- help employees understand employer concerns;
- help employees understand how to address those concerns; and
- protect employers’ interests in litigation by helping them meet their burden to offer a nondiscriminatory reason for the disciplinary decision.
- Allow employees to respond to critiques. Documentation of a disciplinary decision should include space for employees to make their own written comments about the discipline and the circumstances that prompted it. Allowing the employee to comment confirms that the employee received a clear message about the problem and prevents the employee from making contrary arguments about the disciplinary process in litigation.
- Conduct a face-to-face disciplinary meeting. Conveying employee discipline to an employee through an in-person disciplinary meeting helps the employee recognize the significance of the employer’s concerns. However, disciplinary meetings have the potential to give rise to confrontations. To promote constructive disciplinary meetings and reduce the risk of confrontation:
- create a script for the disciplinary meeting based on clear and consistently applied policies and realistic expectations;
- always include a witness in disciplinary meetings to help respond to potential confrontations and be available to testify about the substance of the meeting in subsequent legal proceedings if necessary;
- treat the employee with respect; and
- choose a neutral location for the meeting venue (for example, a private conference room rather than a supervisor’s office).
- Conduct a follow-up meeting. Employers imposing discipline should also schedule a follow-up meeting to take place from three weeks to three months after the initial meeting. These important but often overlooked meetings can ensure that the employee understood, accepted, and learned from the initial disciplinary message. A follow-up meeting also reinforces the idea that the purpose of the initial meeting was improvement of employee performance or correcting employee problems, rather than punishment. Use the follow-up meeting to determine whether the employee met the objectives created in the initial disciplinary meeting and made appropriate changes in performance or behavior. As in the initial meeting, careful planning, a neutral setting, clear communication, and documentation are critical.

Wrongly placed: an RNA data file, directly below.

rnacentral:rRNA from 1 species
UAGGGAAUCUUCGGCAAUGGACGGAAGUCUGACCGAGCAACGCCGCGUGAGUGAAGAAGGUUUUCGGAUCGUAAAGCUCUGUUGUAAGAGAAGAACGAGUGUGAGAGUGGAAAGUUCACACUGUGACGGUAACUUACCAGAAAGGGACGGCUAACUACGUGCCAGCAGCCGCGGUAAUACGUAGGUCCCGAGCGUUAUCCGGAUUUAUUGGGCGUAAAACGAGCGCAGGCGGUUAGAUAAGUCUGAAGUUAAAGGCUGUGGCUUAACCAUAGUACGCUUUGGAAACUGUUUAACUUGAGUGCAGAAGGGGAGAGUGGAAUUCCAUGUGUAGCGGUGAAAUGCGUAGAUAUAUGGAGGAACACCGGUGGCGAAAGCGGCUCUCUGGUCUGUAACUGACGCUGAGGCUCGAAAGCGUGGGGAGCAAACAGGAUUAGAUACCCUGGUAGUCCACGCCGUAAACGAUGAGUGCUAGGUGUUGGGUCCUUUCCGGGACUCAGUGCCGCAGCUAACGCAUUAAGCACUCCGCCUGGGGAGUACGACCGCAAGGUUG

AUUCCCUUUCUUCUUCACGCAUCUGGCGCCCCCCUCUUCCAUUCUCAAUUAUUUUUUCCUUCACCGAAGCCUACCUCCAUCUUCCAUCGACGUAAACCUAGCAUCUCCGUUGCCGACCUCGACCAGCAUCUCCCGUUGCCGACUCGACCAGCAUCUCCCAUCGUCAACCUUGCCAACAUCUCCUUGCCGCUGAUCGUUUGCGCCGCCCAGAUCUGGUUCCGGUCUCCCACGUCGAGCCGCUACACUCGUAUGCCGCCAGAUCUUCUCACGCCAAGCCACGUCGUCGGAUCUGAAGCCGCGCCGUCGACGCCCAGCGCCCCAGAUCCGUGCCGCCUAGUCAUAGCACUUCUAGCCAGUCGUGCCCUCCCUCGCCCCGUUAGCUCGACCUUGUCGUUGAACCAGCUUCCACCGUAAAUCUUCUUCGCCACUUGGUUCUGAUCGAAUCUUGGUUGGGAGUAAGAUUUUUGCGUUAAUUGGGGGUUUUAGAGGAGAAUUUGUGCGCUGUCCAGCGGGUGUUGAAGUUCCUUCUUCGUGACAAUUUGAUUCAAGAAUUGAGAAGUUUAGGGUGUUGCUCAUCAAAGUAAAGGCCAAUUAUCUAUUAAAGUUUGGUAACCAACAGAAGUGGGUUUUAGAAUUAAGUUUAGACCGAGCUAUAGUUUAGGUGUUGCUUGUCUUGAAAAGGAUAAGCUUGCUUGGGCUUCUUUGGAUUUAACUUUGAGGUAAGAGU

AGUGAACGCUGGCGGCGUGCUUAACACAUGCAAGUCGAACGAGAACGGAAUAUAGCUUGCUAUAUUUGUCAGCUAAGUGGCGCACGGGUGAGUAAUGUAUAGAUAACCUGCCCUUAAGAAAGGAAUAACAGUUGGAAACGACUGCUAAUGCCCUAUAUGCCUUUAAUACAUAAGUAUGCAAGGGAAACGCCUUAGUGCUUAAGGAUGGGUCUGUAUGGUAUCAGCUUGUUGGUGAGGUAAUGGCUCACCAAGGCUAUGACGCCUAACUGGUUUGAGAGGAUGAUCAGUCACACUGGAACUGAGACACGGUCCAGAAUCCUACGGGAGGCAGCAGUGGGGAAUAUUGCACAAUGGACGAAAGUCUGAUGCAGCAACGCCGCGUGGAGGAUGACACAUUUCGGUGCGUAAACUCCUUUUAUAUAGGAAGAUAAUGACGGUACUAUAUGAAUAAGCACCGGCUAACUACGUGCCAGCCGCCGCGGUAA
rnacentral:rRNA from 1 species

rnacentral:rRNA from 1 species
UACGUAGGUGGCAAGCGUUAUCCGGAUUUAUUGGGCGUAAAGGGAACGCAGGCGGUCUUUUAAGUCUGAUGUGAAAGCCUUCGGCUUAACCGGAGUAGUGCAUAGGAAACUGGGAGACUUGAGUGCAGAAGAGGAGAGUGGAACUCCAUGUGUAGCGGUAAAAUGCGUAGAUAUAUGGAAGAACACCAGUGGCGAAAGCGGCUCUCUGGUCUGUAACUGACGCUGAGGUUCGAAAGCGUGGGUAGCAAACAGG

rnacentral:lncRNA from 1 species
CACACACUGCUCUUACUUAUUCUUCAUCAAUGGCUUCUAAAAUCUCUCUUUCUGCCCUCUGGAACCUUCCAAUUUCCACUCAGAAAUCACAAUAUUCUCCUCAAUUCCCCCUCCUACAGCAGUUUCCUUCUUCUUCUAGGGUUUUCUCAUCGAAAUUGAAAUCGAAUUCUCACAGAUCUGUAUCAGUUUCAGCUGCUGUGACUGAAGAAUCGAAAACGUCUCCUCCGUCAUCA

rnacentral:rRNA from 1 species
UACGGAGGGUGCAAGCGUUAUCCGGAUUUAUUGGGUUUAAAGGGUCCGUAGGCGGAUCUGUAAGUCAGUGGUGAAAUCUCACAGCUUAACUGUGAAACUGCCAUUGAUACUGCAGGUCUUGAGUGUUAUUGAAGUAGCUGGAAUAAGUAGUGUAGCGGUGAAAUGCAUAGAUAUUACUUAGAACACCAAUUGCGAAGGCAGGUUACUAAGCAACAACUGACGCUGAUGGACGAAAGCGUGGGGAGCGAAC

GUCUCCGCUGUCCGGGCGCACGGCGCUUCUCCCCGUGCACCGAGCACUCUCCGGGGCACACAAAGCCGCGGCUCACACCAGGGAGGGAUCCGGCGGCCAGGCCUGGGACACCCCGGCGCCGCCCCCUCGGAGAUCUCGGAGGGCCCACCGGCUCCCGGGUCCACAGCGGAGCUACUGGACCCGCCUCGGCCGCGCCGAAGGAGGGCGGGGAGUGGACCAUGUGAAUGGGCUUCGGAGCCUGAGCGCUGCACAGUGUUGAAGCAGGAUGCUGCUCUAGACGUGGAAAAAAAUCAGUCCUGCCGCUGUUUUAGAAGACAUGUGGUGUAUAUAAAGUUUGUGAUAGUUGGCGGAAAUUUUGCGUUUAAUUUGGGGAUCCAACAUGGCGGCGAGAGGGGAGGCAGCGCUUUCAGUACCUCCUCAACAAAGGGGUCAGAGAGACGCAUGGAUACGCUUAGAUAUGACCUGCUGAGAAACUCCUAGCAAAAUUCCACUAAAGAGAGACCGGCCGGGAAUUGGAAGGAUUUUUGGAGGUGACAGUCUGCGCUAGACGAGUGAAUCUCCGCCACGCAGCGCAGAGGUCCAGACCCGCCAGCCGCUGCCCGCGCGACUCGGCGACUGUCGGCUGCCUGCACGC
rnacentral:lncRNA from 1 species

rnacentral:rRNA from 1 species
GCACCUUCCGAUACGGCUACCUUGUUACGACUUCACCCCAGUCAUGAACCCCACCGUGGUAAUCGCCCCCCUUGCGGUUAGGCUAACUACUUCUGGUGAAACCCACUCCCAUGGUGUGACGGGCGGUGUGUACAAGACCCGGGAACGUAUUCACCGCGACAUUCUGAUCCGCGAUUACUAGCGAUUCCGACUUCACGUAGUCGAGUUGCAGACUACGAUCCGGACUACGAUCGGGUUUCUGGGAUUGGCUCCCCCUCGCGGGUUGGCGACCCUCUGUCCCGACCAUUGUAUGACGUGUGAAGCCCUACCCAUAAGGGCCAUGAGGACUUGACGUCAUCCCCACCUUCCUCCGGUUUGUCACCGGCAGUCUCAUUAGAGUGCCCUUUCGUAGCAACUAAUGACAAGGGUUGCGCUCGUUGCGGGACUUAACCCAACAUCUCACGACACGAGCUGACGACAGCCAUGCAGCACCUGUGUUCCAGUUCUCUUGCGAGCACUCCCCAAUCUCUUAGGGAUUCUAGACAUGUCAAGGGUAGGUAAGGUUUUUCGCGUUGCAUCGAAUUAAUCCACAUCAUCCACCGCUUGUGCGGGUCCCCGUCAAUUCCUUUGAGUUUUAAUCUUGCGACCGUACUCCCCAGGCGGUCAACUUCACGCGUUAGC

Considerations for Imposing Discipline for Poor Performance
- Be objective. Use objective criteria when evaluating employee performance and imposing discipline. Although there are positions where subjective qualifications are important (for example, leadership ability for a management position), employers should attempt to measure employee work performance in objective terms that are uniformly applied in an unbiased manner. If an employer relies excessively or exclusively on subjective criteria, the subjective evaluation may be regarded as pretext for discrimination. Examples of objective criteria include:
- quantifiable achievements, such as sales figures or completed projects;
- percentage of work that must be revised or rewritten; and
- attendance and tardiness (accounting for the requirements of relevant state and federal leave and reasonable accommodation laws).
- Consider implementing a performance improvement plan (PIP). A PIP is a tool employers can use to help employees correct performance shortcomings. Managers or supervisors typically outline the areas needing improvement, either with or without employee input, and seek approval of the PIP from more senior managers or human resources professionals. PIPs typically include:
- a list of areas requiring improvement, including examples of poor performance indicators demonstrated by the employee;
- an outline of the employer’s expectations for the employee’s performance, including a description of how to achieve the desired result;
- a description of the consequences for failure to achieve the improvement specified in the PIP;